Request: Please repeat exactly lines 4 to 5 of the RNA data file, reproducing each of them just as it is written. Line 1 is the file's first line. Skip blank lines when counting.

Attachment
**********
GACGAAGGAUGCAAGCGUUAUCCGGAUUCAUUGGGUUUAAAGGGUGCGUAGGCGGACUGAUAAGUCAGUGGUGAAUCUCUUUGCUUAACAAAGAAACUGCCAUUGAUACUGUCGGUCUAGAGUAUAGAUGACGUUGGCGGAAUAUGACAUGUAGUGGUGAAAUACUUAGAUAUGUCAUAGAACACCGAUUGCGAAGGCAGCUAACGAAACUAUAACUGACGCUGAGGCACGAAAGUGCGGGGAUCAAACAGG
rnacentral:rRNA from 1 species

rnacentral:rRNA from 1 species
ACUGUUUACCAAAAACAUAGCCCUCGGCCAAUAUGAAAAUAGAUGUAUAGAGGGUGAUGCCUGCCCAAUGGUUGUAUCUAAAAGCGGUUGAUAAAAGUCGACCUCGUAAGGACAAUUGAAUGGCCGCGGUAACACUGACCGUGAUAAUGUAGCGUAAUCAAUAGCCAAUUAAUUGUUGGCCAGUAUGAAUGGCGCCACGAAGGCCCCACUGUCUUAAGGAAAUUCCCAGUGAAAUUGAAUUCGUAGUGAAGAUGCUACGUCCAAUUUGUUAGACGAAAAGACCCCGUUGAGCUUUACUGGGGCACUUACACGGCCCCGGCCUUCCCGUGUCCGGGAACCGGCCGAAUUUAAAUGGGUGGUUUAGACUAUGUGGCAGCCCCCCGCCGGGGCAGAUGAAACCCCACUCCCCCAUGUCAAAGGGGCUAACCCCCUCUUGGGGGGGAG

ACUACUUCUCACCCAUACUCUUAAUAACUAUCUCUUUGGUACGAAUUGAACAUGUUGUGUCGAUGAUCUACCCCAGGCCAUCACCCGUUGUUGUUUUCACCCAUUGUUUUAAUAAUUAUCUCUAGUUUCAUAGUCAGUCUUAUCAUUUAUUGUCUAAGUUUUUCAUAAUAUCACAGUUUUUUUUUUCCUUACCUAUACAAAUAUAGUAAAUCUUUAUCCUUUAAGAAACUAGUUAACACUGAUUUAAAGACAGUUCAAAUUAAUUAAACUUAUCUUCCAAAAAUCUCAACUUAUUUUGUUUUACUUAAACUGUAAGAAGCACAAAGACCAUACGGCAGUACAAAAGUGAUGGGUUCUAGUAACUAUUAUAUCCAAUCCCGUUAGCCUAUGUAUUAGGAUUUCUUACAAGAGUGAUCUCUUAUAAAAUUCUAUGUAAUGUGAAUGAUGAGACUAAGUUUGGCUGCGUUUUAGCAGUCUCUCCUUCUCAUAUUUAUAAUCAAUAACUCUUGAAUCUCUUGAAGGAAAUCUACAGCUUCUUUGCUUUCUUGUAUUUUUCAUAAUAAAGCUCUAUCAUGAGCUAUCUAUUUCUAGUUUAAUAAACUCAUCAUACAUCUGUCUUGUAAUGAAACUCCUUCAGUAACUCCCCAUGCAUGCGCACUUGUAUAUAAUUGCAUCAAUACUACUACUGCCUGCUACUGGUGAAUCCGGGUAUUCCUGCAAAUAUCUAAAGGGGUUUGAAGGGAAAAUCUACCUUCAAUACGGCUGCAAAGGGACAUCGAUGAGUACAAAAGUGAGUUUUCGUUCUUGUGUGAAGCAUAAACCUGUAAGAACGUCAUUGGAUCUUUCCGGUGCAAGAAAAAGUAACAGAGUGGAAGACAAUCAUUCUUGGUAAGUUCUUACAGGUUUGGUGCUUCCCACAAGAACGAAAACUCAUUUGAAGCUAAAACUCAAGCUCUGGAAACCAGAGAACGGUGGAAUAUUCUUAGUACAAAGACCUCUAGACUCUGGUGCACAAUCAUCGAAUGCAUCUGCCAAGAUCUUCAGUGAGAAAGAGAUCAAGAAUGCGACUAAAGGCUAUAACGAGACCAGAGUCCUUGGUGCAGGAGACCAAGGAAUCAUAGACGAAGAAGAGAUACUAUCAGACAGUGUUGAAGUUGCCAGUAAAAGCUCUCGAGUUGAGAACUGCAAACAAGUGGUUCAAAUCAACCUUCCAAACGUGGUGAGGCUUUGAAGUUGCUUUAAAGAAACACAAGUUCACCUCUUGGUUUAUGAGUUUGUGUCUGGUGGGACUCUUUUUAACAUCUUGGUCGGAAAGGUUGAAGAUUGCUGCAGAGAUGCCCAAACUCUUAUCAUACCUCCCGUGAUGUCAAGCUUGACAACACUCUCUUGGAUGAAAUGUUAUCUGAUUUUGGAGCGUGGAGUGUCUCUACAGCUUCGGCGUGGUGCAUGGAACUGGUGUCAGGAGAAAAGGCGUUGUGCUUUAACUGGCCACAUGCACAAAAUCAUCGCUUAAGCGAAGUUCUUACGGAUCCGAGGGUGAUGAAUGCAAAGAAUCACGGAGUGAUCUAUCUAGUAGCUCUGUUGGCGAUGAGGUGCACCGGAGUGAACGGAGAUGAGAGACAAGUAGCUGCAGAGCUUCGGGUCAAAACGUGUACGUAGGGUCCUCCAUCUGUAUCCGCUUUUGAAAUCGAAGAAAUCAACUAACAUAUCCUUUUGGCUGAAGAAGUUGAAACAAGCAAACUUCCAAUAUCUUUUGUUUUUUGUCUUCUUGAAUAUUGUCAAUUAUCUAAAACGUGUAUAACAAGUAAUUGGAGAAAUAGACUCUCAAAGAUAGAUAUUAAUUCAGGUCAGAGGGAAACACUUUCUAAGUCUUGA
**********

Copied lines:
ACUGUUUACCAAAAACAUAGCCCUCGGCCAAUAUGAAAAUAGAUGUAUAGAGGGUGAUGCCUGCCCAAUGGUUGUAUCUAAAAGCGGUUGAUAAAAGUCGACCUCGUAAGGACAAUUGAAUGGCCGCGGUAACACUGACCGUGAUAAUGUAGCGUAAUCAAUAGCCAAUUAAUUGUUGGCCAGUAUGAAUGGCGCCACGAAGGCCCCACUGUCUUAAGGAAAUUCCCAGUGAAAUUGAAUUCGUAGUGAAGAUGCUACGUCCAAUUUGUUAGACGAAAAGACCCCGUUGAGCUUUACUGGGGCACUUACACGGCCCCGGCCUUCCCGUGUCCGGGAACCGGCCGAAUUUAAAUGGGUGGUUUAGACUAUGUGGCAGCCCCCCGCCGGGGCAGAUGAAACCCCACUCCCCCAUGUCAAAGGGGCUAACCCCCUCUUGGGGGGGAG

ACUACUUCUCACCCAUACUCUUAAUAACUAUCUCUUUGGUACGAAUUGAACAUGUUGUGUCGAUGAUCUACCCCAGGCCAUCACCCGUUGUUGUUUUCACCCAUUGUUUUAAUAAUUAUCUCUAGUUUCAUAGUCAGUCUUAUCAUUUAUUGUCUAAGUUUUUCAUAAUAUCACAGUUUUUUUUUUCCUUACCUAUACAAAUAUAGUAAAUCUUUAUCCUUUAAGAAACUAGUUAACACUGAUUUAAAGACAGUUCAAAUUAAUUAAACUUAUCUUCCAAAAAUCUCAACUUAUUUUGUUUUACUUAAACUGUAAGAAGCACAAAGACCAUACGGCAGUACAAAAGUGAUGGGUUCUAGUAACUAUUAUAUCCAAUCCCGUUAGCCUAUGUAUUAGGAUUUCUUACAAGAGUGAUCUCUUAUAAAAUUCUAUGUAAUGUGAAUGAUGAGACUAAGUUUGGCUGCGUUUUAGCAGUCUCUCCUUCUCAUAUUUAUAAUCAAUAACUCUUGAAUCUCUUGAAGGAAAUCUACAGCUUCUUUGCUUUCUUGUAUUUUUCAUAAUAAAGCUCUAUCAUGAGCUAUCUAUUUCUAGUUUAAUAAACUCAUCAUACAUCUGUCUUGUAAUGAAACUCCUUCAGUAACUCCCCAUGCAUGCGCACUUGUAUAUAAUUGCAUCAAUACUACUACUGCCUGCUACUGGUGAAUCCGGGUAUUCCUGCAAAUAUCUAAAGGGGUUUGAAGGGAAAAUCUACCUUCAAUACGGCUGCAAAGGGACAUCGAUGAGUACAAAAGUGAGUUUUCGUUCUUGUGUGAAGCAUAAACCUGUAAGAACGUCAUUGGAUCUUUCCGGUGCAAGAAAAAGUAACAGAGUGGAAGACAAUCAUUCUUGGUAAGUUCUUACAGGUUUGGUGCUUCCCACAAGAACGAAAACUCAUUUGAAGCUAAAACUCAAGCUCUGGAAACCAGAGAACGGUGGAAUAUUCUUAGUACAAAGACCUCUAGACUCUGGUGCACAAUCAUCGAAUGCAUCUGCCAAGAUCUUCAGUGAGAAAGAGAUCAAGAAUGCGACUAAAGGCUAUAACGAGACCAGAGUCCUUGGUGCAGGAGACCAAGGAAUCAUAGACGAAGAAGAGAUACUAUCAGACAGUGUUGAAGUUGCCAGUAAAAGCUCUCGAGUUGAGAACUGCAAACAAGUGGUUCAAAUCAACCUUCCAAACGUGGUGAGGCUUUGAAGUUGCUUUAAAGAAACACAAGUUCACCUCUUGGUUUAUGAGUUUGUGUCUGGUGGGACUCUUUUUAACAUCUUGGUCGGAAAGGUUGAAGAUUGCUGCAGAGAUGCCCAAACUCUUAUCAUACCUCCCGUGAUGUCAAGCUUGACAACACUCUCUUGGAUGAAAUGUUAUCUGAUUUUGGAGCGUGGAGUGUCUCUACAGCUUCGGCGUGGUGCAUGGAACUGGUGUCAGGAGAAAAGGCGUUGUGCUUUAACUGGCCACAUGCACAAAAUCAUCGCUUAAGCGAAGUUCUUACGGAUCCGAGGGUGAUGAAUGCAAAGAAUCACGGAGUGAUCUAUCUAGUAGCUCUGUUGGCGAUGAGGUGCACCGGAGUGAACGGAGAUGAGAGACAAGUAGCUGCAGAGCUUCGGGUCAAAACGUGUACGUAGGGUCCUCCAUCUGUAUCCGCUUUUGAAAUCGAAGAAAUCAACUAACAUAUCCUUUUGGCUGAAGAAGUUGAAACAAGCAAACUUCCAAUAUCUUUUGUUUUUUGUCUUCUUGAAUAUUGUCAAUUAUCUAAAACGUGUAUAACAAGUAAUUGGAGAAAUAGACUCUCAAAGAUAGAUAUUAAUUCAGGUCAGAGGGAAACACUUUCUAAGUCUUGA